We are going to start dissecting the subject of Photoshop Realism or Lack Thereof with lighting because it is the one area that I was victim of in my early days as a designer. Think about this for a moment. Everything we see, we see because of light. Without light we do not see. So you would think that all of us being experts of seeing things that it would be obvious when something isn't right. Yet so many of us fall victim in Photoshop to creating things that don't look right and quite frankly are impossible! Let me walk you through some examples of terrible lighting scenarios. Notice in a lot of these samples that the problem focuses on the shadows. Light creates shadows and a lot of time the shadow is the indicator of the problem.
While the overall style of this image is nice there is a glaring flaw present. My diagnosis of this image is that the soccer ball and legs were photographed together and the were “comped” (designer slang for composite) into the grass and sky scene. The lighting issue here is that the legs and ball are very will lit from the front but the shadow is coming towards the front of the picture. Why would a shadow be cast in that direction but the entire side of the legs and soccer ball be so well lit? They shouldn't be. It is for that reason that the sky in behind creates a visual conflict. We see a semi-cloud covered sun. I know the sun is the reason the creator put in the hard shadow, but who has a hard shadow when the sun isn't out in full?
In this image I am assuming that the sky, climber and cliff were all separate images. How I know this is there is a sunset image in behind a cliff that is completely lit from the front. Then we have a climber that is back lit but has highlights to their front side while the sun is more towards their backside.
Again we have subject matter that should be a silhouette because of the dark nature of the sky with the back lighting. Let's suppose that you really wanted to use the picture of the geese and wanted to see the detail in them. This would mean that the sky needs to be changed. Looking at the geese you would need to select a sky that gives the impression of the sun being at about ten or eleven o'clock and in front and to the left of the geese. You at least need to start with a sky that holds those lighting properties then you could start to play with it in PS is you wanted it to have high contrast and moody sky like the lighting on the geese.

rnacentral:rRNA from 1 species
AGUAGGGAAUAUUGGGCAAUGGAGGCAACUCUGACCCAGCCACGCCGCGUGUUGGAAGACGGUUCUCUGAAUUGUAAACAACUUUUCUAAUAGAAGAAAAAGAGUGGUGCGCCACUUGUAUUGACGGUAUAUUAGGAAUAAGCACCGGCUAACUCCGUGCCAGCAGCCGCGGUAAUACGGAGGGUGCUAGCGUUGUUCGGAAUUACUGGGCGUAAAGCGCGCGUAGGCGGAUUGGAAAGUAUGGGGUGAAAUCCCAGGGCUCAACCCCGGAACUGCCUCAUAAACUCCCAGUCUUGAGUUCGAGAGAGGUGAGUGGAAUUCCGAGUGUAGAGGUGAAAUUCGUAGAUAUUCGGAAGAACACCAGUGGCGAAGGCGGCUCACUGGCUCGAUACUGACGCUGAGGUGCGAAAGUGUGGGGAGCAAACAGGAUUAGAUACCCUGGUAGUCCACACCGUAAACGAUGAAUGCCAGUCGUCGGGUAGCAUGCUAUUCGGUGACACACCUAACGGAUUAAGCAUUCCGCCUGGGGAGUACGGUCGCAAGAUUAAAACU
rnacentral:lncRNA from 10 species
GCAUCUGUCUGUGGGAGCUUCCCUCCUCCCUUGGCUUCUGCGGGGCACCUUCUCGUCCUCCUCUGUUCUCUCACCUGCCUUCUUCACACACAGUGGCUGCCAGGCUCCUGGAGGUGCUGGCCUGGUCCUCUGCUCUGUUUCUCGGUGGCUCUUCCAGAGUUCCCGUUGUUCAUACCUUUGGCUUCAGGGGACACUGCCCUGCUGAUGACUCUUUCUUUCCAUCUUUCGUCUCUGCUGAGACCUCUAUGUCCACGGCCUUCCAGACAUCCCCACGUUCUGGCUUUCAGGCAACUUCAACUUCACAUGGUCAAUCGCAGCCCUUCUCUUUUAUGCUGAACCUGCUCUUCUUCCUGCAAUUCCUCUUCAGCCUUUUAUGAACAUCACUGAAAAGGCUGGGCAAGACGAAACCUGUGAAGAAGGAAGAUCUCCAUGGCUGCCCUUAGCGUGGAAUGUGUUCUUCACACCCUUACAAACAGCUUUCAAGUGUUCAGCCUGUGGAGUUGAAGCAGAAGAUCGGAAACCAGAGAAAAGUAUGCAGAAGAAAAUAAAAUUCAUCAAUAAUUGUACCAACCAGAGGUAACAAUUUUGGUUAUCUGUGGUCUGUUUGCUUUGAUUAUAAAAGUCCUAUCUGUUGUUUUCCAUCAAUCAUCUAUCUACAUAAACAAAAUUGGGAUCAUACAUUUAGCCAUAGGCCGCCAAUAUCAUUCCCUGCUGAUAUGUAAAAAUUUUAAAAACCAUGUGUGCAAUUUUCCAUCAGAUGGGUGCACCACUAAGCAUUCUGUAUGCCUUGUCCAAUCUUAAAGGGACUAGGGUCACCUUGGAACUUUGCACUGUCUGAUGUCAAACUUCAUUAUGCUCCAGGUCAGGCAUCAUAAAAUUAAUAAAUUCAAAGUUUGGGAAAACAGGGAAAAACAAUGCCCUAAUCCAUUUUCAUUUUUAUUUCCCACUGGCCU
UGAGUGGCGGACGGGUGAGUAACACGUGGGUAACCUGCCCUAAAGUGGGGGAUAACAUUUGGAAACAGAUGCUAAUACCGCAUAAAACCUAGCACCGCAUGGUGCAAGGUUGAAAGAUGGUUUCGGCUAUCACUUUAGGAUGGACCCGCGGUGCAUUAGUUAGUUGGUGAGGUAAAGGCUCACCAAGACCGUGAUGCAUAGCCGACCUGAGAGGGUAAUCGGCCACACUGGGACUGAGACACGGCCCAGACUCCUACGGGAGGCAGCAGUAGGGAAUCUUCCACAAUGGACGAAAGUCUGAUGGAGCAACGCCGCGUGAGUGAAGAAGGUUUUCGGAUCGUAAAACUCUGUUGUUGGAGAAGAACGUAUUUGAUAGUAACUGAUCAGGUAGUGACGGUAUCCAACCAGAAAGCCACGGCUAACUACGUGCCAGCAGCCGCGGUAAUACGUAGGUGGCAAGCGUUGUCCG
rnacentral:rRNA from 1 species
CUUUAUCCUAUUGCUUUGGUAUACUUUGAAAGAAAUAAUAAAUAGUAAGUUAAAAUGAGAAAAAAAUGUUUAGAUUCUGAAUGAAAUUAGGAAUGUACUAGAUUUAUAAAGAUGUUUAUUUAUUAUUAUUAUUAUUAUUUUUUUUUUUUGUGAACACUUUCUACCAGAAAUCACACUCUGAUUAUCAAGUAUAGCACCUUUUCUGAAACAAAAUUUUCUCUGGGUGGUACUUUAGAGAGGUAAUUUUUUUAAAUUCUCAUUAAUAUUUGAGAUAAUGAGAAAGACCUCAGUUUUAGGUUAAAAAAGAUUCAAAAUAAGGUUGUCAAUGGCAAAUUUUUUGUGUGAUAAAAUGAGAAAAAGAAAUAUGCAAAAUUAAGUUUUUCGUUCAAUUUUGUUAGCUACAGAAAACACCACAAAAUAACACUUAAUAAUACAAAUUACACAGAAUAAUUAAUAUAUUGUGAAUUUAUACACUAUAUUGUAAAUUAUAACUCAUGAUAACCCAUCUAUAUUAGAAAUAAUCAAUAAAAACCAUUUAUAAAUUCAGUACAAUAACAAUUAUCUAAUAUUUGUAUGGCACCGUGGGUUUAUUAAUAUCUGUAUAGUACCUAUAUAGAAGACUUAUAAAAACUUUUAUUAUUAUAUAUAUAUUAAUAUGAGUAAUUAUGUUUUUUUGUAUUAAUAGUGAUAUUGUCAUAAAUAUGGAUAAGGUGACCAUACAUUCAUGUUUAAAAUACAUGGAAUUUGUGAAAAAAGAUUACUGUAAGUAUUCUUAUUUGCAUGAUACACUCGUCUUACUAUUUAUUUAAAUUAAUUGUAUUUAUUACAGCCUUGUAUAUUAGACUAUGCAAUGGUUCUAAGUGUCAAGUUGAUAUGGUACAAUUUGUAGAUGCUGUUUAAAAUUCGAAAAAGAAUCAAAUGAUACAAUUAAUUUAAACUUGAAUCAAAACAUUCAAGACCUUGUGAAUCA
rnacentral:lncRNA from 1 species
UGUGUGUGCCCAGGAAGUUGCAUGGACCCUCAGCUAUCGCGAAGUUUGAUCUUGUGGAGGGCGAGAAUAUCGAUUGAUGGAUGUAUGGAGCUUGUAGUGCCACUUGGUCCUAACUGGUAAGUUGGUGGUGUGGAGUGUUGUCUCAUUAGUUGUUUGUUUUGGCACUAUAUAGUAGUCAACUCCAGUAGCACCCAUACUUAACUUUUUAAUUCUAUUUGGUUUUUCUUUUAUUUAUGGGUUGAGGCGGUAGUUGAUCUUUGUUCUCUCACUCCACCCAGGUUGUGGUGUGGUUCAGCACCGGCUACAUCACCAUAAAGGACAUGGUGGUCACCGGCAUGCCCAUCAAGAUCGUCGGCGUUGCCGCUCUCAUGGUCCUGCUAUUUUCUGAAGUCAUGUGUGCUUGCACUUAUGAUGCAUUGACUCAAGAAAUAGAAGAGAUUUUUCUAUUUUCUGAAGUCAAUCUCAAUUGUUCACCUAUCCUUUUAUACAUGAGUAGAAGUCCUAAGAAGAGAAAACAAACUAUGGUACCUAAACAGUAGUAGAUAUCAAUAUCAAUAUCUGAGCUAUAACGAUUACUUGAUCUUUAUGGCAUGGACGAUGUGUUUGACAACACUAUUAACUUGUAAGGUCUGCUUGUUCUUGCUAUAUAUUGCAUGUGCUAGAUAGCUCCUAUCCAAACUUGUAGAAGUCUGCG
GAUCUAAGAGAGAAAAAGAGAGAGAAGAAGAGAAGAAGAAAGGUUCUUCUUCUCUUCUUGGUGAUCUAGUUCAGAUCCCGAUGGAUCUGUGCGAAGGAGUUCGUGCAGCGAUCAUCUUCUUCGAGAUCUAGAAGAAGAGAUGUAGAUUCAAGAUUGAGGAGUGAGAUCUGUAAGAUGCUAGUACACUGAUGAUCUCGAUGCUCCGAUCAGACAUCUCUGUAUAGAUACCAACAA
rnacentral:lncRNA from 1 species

This image makes me smile because I know the creator of it meant well but there are so many problems here. In this image he have a storm scene with an arm sticking out of the sky that looks like it was photographed under the florescent lighting of an office. Not that its a bad arm to start with but there needs to be the commitment to see the job through. The arm needs a lot of work with other shadowing and light sources added for it to look like it belongs in this environment. If your not sure what you are doing trying to create a piece like this look for tutorials online and learn something new. Thats a better route than putting your name on something second rate.
I really really really dislike images like this one. They are so contrived it makes me feel nauseous. There are so many flaws in this image when it comes to lighting, not necessarily with the direction of the light but rather the consistency of the lighting and skin tones of all the individuals. If something like this is to be completed properly certainly requires a lot of time in PS or all the people would need to be photographed the same day under the same lighting. Then the could be comped together.
To conclude it takes a trained eye to look for and plan for all the considerations that come into play when creating a composite image in PS. It's my hope that this post will help to give you a new eye to see these things. When done right some really stunning work can be created. Good luck and post any questions if you have them.
*All images from dreamstime